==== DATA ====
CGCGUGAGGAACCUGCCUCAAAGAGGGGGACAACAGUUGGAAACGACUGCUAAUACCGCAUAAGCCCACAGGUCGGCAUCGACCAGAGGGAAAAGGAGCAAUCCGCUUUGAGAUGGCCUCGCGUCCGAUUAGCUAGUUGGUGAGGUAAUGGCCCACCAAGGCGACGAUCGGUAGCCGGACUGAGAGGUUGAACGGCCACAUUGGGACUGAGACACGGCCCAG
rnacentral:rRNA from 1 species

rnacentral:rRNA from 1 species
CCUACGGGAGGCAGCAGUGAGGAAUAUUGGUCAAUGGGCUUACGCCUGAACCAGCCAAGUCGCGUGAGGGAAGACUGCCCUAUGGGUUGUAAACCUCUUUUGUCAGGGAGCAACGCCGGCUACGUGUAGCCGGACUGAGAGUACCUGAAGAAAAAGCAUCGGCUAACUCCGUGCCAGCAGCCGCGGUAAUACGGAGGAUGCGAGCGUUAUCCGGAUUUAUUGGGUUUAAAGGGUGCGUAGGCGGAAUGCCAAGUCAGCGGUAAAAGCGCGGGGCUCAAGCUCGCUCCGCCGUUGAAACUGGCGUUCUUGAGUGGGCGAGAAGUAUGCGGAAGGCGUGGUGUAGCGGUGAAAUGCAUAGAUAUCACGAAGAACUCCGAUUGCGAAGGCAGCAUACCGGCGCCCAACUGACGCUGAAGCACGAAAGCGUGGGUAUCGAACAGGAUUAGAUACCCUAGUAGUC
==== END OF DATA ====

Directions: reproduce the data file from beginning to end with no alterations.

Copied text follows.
CGCGUGAGGAACCUGCCUCAAAGAGGGGGACAACAGUUGGAAACGACUGCUAAUACCGCAUAAGCCCACAGGUCGGCAUCGACCAGAGGGAAAAGGAGCAAUCCGCUUUGAGAUGGCCUCGCGUCCGAUUAGCUAGUUGGUGAGGUAAUGGCCCACCAAGGCGACGAUCGGUAGCCGGACUGAGAGGUUGAACGGCCACAUUGGGACUGAGACACGGCCCAG
rnacentral:rRNA from 1 species

rnacentral:rRNA from 1 species
CCUACGGGAGGCAGCAGUGAGGAAUAUUGGUCAAUGGGCUUACGCCUGAACCAGCCAAGUCGCGUGAGGGAAGACUGCCCUAUGGGUUGUAAACCUCUUUUGUCAGGGAGCAACGCCGGCUACGUGUAGCCGGACUGAGAGUACCUGAAGAAAAAGCAUCGGCUAACUCCGUGCCAGCAGCCGCGGUAAUACGGAGGAUGCGAGCGUUAUCCGGAUUUAUUGGGUUUAAAGGGUGCGUAGGCGGAAUGCCAAGUCAGCGGUAAAAGCGCGGGGCUCAAGCUCGCUCCGCCGUUGAAACUGGCGUUCUUGAGUGGGCGAGAAGUAUGCGGAAGGCGUGGUGUAGCGGUGAAAUGCAUAGAUAUCACGAAGAACUCCGAUUGCGAAGGCAGCAUACCGGCGCCCAACUGACGCUGAAGCACGAAAGCGUGGGUAUCGAACAGGAUUAGAUACCCUAGUAGUC